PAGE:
ACP Story of the Year Spotlight Series: Jack Howland, University of Missouri

By Crista Dockray, Drew Koloup & Brian RadermacherCMM correspondents

This past spring, Jack Howland captured and shared the story of an openly transgender student at the University of Missouri named Shane Stinson. The pronoun leading off the main headline in The Maneater campus newspaper story is the most significant, telling term within the roughly 5,000-word piece — “His Name is Shane.

As Howland, 21, a native of Fairway, Kan., writes, “He. Him. His. Shane likes the way the words sound. He gets excited when strangers come up to him and assume he’s male without question, noticing his flat chest and short hair. … If someone refers to Shane as she, he feels like a lesser version of himself. He likely won’t blame the person or bring up the subject, but it sticks with him. … It’s sometimes hard for him to understand how someone could look into his eyes and see a woman. He’s always felt like a man.”

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The piece has been named one of the winners of the 2014 ACP Multimedia Feature Story of the Year award. The ACP awards, informally known as the student press Pulitzers, are among the most prestigious honors bestowed upon college journalists and their media outlets. Like an Oscar nomination, simply attaining finalist status is a mark of distinction student journos can humble-brag about on resumés and in job interviews for their entire post-grad careers.

While not affiliated in any way with the ACP awards, this CMM special series aims to tell the stories behind some of the year’s most impacting college media work — in the words of the students who created them.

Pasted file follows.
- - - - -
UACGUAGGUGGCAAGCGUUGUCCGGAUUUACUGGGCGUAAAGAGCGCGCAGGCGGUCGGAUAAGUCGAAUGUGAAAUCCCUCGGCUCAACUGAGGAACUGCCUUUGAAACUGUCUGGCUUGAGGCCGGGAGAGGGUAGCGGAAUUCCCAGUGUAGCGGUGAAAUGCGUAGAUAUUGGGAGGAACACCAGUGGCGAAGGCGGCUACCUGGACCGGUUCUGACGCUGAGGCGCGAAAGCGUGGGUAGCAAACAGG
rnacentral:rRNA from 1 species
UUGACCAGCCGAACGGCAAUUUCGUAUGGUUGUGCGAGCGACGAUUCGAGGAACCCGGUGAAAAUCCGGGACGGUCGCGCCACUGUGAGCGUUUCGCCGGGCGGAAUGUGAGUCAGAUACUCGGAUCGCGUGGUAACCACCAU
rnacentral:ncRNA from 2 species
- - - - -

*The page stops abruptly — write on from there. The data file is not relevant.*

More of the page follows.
In that spirit, in the exclusive Q&A below, Howland, currently an enterprise beat reporter at the Columbia Missourian, discusses the motivation behind the long-form story and the challenge of putting it together in a way that earned the respect of his featured subject.

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Jack Howland, 21, a native of Fairway, Kan., is a junior journalism major at the University of Missouri.

What compelled you to tackle “His Name is Shane”?

This was our first edition of Maneater Long Reads. Before I even decided to talk about Shane, I decided this would be a cool series to with the Maneater. That idea came from seeing what a lot of people were sharing on Facebook. Being friends with a lot of journalism majors at Mizzou, you see a fair amount of different media being shared. Long-form seemed to be a thing that people were still interested in. When The New York Times did its now-famous “Snow Fall” interactive long-form story, that was shared a lot and people thought it was really cool. I was seeing this interest in long-form that a lot of people had. Talking with our web editor at the time, Tim Tai, and our multimedia editor, Cara McClain, I asked, “Why aren’t we doing this?” We have this talented staff. Tim is a great web designer. We had writers who wanted to write longer stories. So we felt like it was a no-brainer.

For this story in particular, Shane Stinson is a very popular person on campus, very well-known. I said, “Hey why don’t write about Shane Stinson? It would be a pretty interesting story, I think.” Some people didn’t really see it. Mainly because many stories have already been written about Shane. Shane told us there are a lot of transgender people on campus who just don’t talk about it because there is still a stigma. … Shane was always really open about it though. He even publicly came out in a Mizzou News article. … I think a lot of people thought, “Oh well, what more can I write about Shane? It’s already been written about.” I thought him coming out and being embraced on the Mizzou campus could all be part of the story.

How did you come up with the headline, including the decision to emphasize the gendered pronoun at the start?

It was actually the day before we were going to publish the article online. There wasn’t a headline for it, and I couldn’t come up with one. “His Name is Shane,” I had that as the title of the first section. I liked the way it sounded. It had a nice ring to it. It got the point of the article — that he doesn’t want to be seen as a woman and he always felt like a man. So were up against deadline and someone asked, “Why isn’t ‘His Name is Shane’ just the headline?” I thought, “You’re right. That’s a lot better.”

What are some of the challenges you faced while working on the story?